Throughout dynastic and Roman Egypt, the Asp was a symbol of royalty. Moreover, in both Egypt and Greece, its potent venom made it useful as a means of execution for criminals who were thought deserving of a more dignified death than that of typical executions.
According to Plutarch (quoted by Ussher), Cleopatra tested various deadly poisons on condemned persons and animals for daily entertainment and concluded that the bite of the Asp was the least terrible way to die; the venom brought sleepiness and heaviness without spasms of pain. The Asp is perhaps most famous for its role in Cleopatra's suicide (some believe it to have been a horned viper, Cerastes cerastes), as immortalized by both history and legend:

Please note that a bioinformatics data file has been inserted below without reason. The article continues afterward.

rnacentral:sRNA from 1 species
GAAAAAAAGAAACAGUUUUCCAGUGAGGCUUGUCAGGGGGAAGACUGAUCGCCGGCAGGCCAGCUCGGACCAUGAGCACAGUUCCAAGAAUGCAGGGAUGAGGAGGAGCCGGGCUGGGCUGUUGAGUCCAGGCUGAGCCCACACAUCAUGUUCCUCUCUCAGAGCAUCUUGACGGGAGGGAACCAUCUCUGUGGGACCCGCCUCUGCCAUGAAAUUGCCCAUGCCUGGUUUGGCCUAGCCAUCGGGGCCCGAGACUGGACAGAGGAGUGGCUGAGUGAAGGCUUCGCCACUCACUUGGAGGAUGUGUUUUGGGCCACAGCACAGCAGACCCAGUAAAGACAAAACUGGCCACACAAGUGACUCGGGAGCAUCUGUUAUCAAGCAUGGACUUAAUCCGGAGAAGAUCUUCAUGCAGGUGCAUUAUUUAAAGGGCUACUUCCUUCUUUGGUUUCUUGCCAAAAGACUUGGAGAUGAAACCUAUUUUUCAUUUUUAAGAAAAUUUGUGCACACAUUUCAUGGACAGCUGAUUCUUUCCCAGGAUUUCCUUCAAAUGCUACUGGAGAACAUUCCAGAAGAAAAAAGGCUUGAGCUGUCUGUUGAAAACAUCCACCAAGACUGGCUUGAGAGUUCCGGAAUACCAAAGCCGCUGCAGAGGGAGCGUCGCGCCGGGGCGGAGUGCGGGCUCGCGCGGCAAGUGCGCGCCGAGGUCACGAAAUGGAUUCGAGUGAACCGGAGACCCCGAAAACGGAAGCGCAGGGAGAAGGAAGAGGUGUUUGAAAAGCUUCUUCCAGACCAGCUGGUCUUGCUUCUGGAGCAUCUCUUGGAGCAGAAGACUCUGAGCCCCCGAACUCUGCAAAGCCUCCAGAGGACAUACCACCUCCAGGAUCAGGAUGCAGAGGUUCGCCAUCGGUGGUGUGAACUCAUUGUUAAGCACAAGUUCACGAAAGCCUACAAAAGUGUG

With thy sharp teeth this knot intrinsicate
Of life at once untie: poor venomous fool
Be angry, and dispatch.
Envenomation is usually followed by swelling, hemorrhage, necrosis, nausea, vomiting and hematuria. A high phospholipase A2 content may cause cardiotoxicity and myotoxicity. Studies of venom from both C. cerastes and C. vipera list a total of eight venom fractions, the most powerful of which has hemorrhagic activity. Venom yields vary, with anywhere from 19–27 mg to 100 mg of dried venom being reported. An estimated lethal dose for humans is 40–50 mg.